Truck company cancels health insurance, deducts paychecks anyway
May 10, 2019
More than a dozen former employees of a trucking company filed a lawsuit alleging their insurance was unknowingly canceled. Despite the cancellation, money continued to be deducted from their paychecks.
On April 29, 16 former employees of St. Clairsville, Ohio-based Mustang Oilfield Services filed a lawsuit against the company and its president, Gregory Cook. The suit was filed in a Pennsylvania court since Mustang was doing business at an address at Canonsburg, Pa. The majority of plaintiffs reside in Pennsylvania or West Virginia, with a few living in Ohio.
Like many companies, Mustang offered its employees medical, dental and vision insurance which employees paid a portion of through deductions from their paychecks. Beginning in August 2018, Mustang continued to deduct wages for health insurance despite the fact that no insurance coverage was being provided, according to the complaint. Mustang was not contributing its share of the premium at the time, and the employees’ deductions were not going toward their share of the premium payments either.
Land Line Now’s Terry Scruton spoke with the plaintiffs’ attorney John Egers of the Julian Law Firm. Egers hopes to find during discovery financial records that will reveal where the money has gone. Listen to the interview below:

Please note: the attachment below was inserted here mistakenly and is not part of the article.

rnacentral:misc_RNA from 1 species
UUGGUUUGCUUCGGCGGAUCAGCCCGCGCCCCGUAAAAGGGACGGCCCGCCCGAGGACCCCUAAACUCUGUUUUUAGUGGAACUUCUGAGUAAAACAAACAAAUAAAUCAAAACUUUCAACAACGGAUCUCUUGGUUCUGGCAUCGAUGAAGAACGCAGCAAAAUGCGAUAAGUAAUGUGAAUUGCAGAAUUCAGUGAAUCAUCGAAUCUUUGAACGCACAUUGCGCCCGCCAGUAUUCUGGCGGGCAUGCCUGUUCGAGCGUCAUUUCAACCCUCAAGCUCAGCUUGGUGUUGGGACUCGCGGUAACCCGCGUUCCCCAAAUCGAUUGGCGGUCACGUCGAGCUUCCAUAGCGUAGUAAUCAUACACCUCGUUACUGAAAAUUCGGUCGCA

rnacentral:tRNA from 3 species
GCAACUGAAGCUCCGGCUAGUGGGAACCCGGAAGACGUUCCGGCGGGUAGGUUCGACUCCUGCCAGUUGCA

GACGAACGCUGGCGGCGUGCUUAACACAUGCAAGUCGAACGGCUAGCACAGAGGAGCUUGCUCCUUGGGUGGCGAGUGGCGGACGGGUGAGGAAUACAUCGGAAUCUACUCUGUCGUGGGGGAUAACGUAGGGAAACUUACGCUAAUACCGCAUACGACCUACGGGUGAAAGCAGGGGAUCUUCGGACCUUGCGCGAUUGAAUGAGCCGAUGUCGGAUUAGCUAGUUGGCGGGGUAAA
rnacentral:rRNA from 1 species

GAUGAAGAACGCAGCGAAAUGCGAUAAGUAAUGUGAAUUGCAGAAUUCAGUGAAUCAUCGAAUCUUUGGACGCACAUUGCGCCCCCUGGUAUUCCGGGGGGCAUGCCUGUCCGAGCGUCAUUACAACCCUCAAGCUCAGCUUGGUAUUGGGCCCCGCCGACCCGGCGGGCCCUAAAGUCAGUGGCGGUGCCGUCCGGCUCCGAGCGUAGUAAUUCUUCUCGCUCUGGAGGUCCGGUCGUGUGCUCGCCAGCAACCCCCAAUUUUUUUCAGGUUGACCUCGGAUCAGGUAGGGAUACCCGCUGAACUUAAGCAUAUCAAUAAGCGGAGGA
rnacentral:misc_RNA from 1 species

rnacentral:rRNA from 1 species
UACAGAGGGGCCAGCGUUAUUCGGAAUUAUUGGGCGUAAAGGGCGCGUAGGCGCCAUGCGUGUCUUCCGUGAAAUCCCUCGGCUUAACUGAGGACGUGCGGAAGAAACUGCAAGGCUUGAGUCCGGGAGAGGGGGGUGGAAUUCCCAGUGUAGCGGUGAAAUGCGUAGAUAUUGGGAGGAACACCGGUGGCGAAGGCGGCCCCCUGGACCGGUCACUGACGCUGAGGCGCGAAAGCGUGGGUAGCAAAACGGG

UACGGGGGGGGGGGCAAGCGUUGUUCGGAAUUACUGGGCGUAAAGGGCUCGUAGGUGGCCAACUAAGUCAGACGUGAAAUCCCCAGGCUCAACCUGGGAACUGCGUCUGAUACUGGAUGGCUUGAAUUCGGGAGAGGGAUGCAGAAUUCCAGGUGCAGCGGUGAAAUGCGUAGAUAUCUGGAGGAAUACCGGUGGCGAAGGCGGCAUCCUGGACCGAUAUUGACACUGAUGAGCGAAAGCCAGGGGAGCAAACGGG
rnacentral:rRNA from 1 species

Since none of the employees were aware they lacked insurance, many continued to obtain medication and treatment, under the assumption their health insurance would pay a portion of it. Instead, they were left with a bill putting them on the hook for 100% of the costs.
Additionally, eight of the former employees were not paid wages owed to them. These unpaid wages have remained outstanding despite the fact that the former employees had left the company at least 60 days ago, the time limit for employers to pay owed wages once an employee leaves the company.
The complaint accuses Mustang and Cook of nine various counts, including breach of contract, fraud, negligent misrepresentation and piercing of the corporate veil. The latter count allows the court to ignore limited liability and hold Cook personally liable for the actions.